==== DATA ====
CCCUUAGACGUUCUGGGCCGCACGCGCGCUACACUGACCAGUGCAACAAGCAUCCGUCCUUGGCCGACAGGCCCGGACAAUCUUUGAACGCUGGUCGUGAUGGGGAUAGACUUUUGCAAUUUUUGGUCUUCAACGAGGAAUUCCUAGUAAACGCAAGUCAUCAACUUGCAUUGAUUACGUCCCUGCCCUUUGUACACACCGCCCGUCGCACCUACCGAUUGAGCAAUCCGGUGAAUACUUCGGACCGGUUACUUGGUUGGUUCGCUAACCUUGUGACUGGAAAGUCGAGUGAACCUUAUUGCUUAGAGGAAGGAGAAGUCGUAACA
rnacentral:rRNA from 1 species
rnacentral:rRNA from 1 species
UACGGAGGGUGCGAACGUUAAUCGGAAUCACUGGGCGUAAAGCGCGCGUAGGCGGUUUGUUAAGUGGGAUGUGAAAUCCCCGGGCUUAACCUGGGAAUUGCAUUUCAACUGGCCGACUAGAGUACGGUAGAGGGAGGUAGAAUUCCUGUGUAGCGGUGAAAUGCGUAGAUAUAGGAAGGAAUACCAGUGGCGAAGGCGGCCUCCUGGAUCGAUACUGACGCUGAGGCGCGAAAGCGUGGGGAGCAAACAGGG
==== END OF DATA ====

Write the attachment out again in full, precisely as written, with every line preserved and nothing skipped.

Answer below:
CCCUUAGACGUUCUGGGCCGCACGCGCGCUACACUGACCAGUGCAACAAGCAUCCGUCCUUGGCCGACAGGCCCGGACAAUCUUUGAACGCUGGUCGUGAUGGGGAUAGACUUUUGCAAUUUUUGGUCUUCAACGAGGAAUUCCUAGUAAACGCAAGUCAUCAACUUGCAUUGAUUACGUCCCUGCCCUUUGUACACACCGCCCGUCGCACCUACCGAUUGAGCAAUCCGGUGAAUACUUCGGACCGGUUACUUGGUUGGUUCGCUAACCUUGUGACUGGAAAGUCGAGUGAACCUUAUUGCUUAGAGGAAGGAGAAGUCGUAACA
rnacentral:rRNA from 1 species
rnacentral:rRNA from 1 species
UACGGAGGGUGCGAACGUUAAUCGGAAUCACUGGGCGUAAAGCGCGCGUAGGCGGUUUGUUAAGUGGGAUGUGAAAUCCCCGGGCUUAACCUGGGAAUUGCAUUUCAACUGGCCGACUAGAGUACGGUAGAGGGAGGUAGAAUUCCUGUGUAGCGGUGAAAUGCGUAGAUAUAGGAAGGAAUACCAGUGGCGAAGGCGGCCUCCUGGAUCGAUACUGACGCUGAGGCGCGAAAGCGUGGGGAGCAAACAGGG